The Adnan Syed Case — New Trial Granted Based on Challenge to Cell Tower Data
The Volkov Law Group would like to applaud the efforts of its own Susan Simpson, as well as the rest of the Undisclosed: The State v. Adnan Syed team, for uncovering critical facts that led a Maryland Judge to grant Adnan Syed a new trial yesterday.
Adnan Syed, whose story inspired the now-famous podcast Serial (and subsequently the Undisclosed podcast), was convicted of the 1999 murder, robbery, and kidnapping of his ex-girlfriend Hae Min Lee when he was 17 years old. He was sentenced to life in prison plus 30 years. Mr. Syed has consistently maintained his innocence and will now have the opportunity for a new trial 16 years later, this time armed with a team of well-informed, diligent, and dedicated attorneys.
Mr. Syed’s high school classmate, Asia McClain, had long ago claimed that she saw Mr. Syed in the school library during the small window of time that the prosecution later insisted Hae Min Lee was murdered. However, Mr. Syed’s trial attorney failed to investigate Asia McClain’s assertion and never called her to the stand as an alibi witness.
Asia McClain did not know how significant her testimony would have been to the trial until Serial, the most-downloaded podcast to date, provided her with more context. Although the trial attorney’s failure to contact a potential alibi witness would not end up constituting ineffective assistance of counsel, a challenging bar to overcome, it would be enough to get them in the door for post-conviction relief.
What would ultimately be enough was the reliability and untested presentation of cell tower data. The prosecution based much of its theory of the case on cellular tower evidence, specifically two incoming phone calls on the night of Hae Min Lee’s disappearance, to place Mr. Syed at the site where she was buried. However, the cellular carrier itself explicitly warned the prosecution in its fax cover letter that only outgoing call data was reliable for location status.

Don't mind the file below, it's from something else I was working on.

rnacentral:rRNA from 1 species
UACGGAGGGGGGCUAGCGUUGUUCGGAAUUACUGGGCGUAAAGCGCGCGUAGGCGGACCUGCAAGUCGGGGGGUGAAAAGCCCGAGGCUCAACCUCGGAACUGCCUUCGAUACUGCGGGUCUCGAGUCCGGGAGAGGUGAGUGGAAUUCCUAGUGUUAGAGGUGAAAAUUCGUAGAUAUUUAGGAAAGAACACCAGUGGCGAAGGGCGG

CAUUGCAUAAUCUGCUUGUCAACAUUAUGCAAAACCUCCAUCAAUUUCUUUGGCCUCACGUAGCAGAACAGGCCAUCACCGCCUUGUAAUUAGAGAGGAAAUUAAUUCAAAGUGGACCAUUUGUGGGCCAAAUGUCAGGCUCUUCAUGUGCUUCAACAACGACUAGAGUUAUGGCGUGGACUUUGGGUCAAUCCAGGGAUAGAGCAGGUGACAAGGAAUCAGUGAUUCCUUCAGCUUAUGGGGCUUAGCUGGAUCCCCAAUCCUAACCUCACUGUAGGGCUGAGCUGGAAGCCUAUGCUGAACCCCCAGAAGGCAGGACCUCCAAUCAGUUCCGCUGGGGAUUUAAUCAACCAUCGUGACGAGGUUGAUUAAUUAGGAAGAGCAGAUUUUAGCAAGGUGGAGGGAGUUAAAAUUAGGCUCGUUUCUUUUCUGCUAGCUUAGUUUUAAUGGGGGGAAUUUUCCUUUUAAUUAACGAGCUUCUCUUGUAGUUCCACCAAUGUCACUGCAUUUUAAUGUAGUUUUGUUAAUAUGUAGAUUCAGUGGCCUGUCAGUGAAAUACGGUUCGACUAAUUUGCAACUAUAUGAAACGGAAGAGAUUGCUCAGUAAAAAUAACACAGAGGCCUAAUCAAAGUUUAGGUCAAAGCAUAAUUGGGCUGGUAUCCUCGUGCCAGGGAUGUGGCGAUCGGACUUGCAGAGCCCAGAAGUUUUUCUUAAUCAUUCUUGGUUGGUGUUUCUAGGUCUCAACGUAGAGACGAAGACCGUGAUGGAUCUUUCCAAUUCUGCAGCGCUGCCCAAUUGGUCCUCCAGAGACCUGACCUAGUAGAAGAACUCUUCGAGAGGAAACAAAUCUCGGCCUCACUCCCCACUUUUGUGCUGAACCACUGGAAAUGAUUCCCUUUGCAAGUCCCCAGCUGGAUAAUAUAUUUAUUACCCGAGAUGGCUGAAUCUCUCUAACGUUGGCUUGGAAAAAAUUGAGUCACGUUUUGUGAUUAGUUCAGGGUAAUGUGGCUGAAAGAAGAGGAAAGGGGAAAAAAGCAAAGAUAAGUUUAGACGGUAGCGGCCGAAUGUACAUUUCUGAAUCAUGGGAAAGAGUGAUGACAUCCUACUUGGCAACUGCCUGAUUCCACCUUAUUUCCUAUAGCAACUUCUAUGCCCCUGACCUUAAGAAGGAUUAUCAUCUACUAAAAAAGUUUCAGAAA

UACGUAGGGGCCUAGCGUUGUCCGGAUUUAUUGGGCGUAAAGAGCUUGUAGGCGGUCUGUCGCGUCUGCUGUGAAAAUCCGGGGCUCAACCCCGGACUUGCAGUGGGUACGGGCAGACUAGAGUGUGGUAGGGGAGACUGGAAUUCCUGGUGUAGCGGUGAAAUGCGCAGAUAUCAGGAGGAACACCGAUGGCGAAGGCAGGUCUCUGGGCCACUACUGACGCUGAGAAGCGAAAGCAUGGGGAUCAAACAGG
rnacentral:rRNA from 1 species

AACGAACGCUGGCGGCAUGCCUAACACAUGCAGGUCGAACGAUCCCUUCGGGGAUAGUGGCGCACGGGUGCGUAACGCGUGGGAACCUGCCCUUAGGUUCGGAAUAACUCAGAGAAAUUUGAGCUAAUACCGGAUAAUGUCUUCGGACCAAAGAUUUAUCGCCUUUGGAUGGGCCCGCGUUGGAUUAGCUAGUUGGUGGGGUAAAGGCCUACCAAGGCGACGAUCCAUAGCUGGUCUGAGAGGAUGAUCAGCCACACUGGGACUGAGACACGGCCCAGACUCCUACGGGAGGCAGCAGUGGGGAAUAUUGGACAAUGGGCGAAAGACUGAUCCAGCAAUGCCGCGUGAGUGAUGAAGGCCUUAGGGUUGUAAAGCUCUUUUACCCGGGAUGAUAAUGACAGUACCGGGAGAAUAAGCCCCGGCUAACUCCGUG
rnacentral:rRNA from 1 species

For excellent informational posts related this subject, see Susan’s blogs here, here, and here. Susan discovered that Mr. Syed’s cellphone records had been produced by the phone company with a disclaimer noting that incoming calls, such as the incoming calls the prosecution alleged to the jury connected him to Leakin Park, “will NOT be considered reliable information for location,” and, crucially, that the State’s own cellphone expert had not been informed of the phone company’s warning.
The Honorable Martin P. Welch, of the Circuit Court for Baltimore City, vacated Mr. Syed’s convictions based on trial counsel’s ineffective assistance for the failure to cross-examine the prosecution’s cell tower expert about the reliability of call tower location evidence.
Thanks to the diligent efforts of Baltimore-based attorney Justin Brown, the Undisclosed team, and the makers of Serial, Mr. Syed will get his day in court, but this time with counsel that cares.
The Undisclosed crew has continued their investigation of other possible wrongful convictions since Mr. Syed’s case. Check out more about Undisclosed’s work on other cases here.
Congratulations again to Susan Simpson (and her investigative team) from The Volkov Law Group for their tireless advocacy and pursuit of justice. Susan can be reached at firstname.lastname@example.org.